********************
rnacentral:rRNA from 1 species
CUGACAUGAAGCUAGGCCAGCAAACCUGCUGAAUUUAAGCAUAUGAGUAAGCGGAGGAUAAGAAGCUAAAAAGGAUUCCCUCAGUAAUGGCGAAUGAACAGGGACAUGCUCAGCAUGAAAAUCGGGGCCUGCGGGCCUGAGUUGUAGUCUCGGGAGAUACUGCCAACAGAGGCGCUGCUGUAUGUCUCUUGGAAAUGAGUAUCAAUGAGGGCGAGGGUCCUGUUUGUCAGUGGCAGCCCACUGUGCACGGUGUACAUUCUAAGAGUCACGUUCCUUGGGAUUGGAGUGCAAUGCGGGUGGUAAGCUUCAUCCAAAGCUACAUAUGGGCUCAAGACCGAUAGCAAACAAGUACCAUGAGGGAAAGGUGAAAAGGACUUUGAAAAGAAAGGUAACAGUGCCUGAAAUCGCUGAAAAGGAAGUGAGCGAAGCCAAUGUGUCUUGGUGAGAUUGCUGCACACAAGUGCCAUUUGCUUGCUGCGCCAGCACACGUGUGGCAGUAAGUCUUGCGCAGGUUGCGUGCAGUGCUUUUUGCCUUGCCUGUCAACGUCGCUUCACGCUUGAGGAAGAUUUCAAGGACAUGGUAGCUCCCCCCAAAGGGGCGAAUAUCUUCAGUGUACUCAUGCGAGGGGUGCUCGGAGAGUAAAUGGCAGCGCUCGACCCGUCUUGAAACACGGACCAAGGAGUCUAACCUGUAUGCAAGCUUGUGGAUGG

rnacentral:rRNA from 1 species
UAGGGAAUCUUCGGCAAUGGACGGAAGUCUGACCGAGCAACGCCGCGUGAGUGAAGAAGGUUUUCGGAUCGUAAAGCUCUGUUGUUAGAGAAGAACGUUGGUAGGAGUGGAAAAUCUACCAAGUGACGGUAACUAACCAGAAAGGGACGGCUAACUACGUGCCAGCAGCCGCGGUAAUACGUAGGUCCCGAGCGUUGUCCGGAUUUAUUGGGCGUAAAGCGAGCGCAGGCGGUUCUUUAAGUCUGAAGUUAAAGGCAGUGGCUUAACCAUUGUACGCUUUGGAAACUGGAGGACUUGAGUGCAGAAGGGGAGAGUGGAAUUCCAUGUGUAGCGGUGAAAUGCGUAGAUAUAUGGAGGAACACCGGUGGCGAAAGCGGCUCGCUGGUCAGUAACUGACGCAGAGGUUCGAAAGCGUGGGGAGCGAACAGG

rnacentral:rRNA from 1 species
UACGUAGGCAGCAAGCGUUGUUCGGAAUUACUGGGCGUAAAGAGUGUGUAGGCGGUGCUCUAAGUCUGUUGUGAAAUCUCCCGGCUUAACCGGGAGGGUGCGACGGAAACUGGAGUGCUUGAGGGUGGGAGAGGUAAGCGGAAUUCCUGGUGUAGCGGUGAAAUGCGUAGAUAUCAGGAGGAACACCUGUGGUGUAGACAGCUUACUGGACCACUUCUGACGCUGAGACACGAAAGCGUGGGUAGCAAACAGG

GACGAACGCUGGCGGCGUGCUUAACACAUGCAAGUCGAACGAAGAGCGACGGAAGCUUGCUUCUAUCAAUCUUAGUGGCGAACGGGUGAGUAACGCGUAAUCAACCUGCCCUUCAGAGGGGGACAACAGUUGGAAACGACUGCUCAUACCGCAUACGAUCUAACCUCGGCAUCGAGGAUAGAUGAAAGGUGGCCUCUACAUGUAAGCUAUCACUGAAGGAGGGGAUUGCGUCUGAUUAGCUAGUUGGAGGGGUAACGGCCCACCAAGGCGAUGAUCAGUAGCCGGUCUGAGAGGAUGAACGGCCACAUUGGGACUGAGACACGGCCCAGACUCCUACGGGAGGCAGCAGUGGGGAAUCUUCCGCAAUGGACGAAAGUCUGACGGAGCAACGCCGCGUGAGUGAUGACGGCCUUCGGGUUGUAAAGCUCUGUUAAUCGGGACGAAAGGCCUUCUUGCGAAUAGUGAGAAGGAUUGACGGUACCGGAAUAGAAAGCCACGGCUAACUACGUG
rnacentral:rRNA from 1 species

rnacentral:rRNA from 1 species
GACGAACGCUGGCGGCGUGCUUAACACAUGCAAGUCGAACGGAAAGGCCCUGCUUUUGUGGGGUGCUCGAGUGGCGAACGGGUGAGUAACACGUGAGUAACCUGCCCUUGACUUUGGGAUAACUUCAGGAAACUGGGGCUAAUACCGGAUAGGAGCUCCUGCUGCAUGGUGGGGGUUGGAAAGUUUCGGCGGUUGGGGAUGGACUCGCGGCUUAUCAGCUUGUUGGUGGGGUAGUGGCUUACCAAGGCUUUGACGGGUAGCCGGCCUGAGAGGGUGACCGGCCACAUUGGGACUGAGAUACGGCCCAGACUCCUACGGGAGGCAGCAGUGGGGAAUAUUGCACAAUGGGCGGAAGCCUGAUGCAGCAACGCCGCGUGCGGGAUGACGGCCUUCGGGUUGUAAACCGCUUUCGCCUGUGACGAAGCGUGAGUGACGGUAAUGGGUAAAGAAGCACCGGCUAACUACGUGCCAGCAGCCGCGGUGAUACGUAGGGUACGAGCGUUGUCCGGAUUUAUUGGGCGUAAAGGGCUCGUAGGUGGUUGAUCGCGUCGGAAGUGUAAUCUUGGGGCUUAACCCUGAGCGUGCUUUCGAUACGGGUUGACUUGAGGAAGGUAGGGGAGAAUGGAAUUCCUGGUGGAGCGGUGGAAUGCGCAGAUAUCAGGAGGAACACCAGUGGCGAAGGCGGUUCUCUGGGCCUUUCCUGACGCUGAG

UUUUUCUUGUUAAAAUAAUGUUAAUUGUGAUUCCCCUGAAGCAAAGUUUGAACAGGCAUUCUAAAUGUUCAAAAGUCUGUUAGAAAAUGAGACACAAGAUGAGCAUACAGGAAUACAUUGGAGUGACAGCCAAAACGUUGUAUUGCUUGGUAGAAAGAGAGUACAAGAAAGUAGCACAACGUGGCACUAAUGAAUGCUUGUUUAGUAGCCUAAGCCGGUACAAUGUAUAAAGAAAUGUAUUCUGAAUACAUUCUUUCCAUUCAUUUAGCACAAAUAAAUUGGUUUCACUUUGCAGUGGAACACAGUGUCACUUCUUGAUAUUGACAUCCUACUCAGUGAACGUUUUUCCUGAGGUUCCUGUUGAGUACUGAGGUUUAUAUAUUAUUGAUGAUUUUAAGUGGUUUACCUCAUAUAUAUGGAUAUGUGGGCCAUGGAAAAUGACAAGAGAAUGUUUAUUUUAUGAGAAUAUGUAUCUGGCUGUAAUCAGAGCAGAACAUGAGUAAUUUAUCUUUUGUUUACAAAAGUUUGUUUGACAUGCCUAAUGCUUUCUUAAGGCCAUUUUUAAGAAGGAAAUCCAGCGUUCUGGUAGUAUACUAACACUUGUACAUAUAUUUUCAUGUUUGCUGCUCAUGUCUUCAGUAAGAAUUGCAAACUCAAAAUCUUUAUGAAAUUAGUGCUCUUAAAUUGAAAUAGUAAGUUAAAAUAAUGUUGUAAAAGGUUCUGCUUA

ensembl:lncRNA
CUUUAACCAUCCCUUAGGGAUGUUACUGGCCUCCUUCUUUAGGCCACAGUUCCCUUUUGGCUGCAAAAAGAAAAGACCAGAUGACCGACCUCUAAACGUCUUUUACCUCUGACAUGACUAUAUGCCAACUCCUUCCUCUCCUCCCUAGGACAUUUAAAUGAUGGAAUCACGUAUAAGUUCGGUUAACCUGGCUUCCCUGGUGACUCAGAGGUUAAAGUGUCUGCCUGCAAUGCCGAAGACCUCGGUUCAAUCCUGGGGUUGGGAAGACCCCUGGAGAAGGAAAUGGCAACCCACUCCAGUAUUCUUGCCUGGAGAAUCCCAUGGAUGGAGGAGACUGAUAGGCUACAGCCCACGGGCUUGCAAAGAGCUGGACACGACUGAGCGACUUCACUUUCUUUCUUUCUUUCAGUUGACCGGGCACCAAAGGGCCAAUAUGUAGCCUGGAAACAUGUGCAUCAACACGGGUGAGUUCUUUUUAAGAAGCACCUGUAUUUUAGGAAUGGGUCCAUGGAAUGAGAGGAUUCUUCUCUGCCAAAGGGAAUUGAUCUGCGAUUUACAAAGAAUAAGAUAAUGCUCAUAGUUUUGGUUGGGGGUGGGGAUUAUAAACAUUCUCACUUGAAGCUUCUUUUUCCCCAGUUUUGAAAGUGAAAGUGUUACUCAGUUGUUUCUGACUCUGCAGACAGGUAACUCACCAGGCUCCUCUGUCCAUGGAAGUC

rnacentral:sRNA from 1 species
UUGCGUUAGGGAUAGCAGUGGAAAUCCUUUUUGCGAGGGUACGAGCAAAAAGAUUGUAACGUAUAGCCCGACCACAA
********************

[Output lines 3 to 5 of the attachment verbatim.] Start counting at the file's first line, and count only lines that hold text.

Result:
rnacentral:rRNA from 1 species
UAGGGAAUCUUCGGCAAUGGACGGAAGUCUGACCGAGCAACGCCGCGUGAGUGAAGAAGGUUUUCGGAUCGUAAAGCUCUGUUGUUAGAGAAGAACGUUGGUAGGAGUGGAAAAUCUACCAAGUGACGGUAACUAACCAGAAAGGGACGGCUAACUACGUGCCAGCAGCCGCGGUAAUACGUAGGUCCCGAGCGUUGUCCGGAUUUAUUGGGCGUAAAGCGAGCGCAGGCGGUUCUUUAAGUCUGAAGUUAAAGGCAGUGGCUUAACCAUUGUACGCUUUGGAAACUGGAGGACUUGAGUGCAGAAGGGGAGAGUGGAAUUCCAUGUGUAGCGGUGAAAUGCGUAGAUAUAUGGAGGAACACCGGUGGCGAAAGCGGCUCGCUGGUCAGUAACUGACGCAGAGGUUCGAAAGCGUGGGGAGCGAACAGG

rnacentral:rRNA from 1 species